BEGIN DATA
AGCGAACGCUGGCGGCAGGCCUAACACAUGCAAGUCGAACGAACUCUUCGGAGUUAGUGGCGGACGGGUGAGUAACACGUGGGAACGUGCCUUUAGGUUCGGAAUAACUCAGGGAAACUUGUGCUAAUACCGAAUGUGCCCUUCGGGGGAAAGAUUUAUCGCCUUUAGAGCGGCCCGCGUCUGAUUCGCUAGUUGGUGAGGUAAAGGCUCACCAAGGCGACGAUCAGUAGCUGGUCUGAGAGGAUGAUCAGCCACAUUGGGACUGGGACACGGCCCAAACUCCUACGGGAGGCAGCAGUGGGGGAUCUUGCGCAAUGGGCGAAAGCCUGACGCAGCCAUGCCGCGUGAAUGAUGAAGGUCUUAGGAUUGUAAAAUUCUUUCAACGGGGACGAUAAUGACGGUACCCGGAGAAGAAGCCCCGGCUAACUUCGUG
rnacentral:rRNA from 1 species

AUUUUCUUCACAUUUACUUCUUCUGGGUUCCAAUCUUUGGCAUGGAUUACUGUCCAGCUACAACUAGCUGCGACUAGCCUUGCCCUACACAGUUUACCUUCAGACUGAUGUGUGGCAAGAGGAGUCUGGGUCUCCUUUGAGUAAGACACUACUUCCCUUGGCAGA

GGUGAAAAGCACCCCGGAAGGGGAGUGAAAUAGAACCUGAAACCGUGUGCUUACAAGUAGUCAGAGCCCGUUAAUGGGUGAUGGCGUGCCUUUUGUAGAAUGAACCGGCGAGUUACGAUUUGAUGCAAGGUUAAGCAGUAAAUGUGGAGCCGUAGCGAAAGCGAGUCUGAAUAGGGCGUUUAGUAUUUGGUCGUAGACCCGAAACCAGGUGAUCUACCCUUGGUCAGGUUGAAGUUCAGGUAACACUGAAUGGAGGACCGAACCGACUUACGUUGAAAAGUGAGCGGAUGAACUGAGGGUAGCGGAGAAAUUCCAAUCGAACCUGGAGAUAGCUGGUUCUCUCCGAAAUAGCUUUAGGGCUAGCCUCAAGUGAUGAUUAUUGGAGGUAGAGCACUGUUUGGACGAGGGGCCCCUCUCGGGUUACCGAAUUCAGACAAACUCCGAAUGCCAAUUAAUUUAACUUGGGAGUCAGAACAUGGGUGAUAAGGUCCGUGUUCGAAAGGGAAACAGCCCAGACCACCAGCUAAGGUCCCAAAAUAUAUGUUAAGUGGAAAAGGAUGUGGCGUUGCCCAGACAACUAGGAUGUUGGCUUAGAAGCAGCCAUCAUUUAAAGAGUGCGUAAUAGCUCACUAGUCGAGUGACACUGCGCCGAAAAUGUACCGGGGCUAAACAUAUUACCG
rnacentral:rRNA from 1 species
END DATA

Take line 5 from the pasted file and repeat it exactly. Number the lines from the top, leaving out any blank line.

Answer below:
rnacentral:rRNA from 1 species